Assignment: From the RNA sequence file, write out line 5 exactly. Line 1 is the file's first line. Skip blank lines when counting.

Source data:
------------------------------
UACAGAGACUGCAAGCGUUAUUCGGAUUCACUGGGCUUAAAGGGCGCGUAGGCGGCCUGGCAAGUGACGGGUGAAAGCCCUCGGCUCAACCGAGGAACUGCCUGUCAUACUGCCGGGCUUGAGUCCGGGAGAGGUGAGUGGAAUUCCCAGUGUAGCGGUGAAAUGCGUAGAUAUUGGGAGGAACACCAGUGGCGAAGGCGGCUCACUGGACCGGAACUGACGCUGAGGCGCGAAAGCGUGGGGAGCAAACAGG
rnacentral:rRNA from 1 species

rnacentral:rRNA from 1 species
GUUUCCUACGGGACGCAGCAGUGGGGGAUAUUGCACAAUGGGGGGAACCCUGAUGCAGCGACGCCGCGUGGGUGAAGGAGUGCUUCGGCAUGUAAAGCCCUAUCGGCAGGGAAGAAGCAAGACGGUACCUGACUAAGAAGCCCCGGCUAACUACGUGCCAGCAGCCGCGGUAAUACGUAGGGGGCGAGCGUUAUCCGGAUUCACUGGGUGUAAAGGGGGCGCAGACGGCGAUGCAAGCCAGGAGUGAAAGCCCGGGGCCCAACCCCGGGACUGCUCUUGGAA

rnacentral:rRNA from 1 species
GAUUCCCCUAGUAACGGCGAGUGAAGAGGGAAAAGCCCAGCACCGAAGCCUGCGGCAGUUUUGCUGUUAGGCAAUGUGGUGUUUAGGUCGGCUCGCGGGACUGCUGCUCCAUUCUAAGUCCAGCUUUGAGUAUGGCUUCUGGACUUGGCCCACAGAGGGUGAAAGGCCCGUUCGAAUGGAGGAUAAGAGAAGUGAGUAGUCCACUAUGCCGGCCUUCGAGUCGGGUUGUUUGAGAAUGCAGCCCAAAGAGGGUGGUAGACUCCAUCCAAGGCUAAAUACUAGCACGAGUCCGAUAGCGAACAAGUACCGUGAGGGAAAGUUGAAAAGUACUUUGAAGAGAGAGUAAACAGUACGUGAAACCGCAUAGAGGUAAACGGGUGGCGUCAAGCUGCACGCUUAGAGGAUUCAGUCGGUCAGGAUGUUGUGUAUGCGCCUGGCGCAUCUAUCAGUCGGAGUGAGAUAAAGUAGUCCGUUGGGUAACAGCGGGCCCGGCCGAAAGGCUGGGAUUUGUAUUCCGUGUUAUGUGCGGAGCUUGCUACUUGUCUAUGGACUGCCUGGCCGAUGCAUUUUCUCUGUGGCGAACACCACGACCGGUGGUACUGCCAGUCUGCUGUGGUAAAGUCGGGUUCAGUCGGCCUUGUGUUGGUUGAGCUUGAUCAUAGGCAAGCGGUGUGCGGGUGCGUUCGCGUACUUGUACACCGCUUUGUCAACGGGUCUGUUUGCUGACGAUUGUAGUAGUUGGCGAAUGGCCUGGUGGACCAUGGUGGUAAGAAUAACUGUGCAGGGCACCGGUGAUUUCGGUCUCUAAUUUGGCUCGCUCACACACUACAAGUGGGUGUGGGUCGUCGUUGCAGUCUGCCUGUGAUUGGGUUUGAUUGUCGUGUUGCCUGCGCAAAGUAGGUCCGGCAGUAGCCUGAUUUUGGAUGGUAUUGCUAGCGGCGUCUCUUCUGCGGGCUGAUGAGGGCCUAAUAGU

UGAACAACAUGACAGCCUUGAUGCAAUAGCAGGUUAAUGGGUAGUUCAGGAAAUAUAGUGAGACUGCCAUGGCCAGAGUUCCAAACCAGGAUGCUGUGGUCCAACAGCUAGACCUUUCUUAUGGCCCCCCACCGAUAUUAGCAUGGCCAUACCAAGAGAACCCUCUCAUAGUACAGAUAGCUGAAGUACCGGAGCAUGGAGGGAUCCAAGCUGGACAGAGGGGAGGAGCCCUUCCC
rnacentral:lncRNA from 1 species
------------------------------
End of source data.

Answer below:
rnacentral:rRNA from 1 species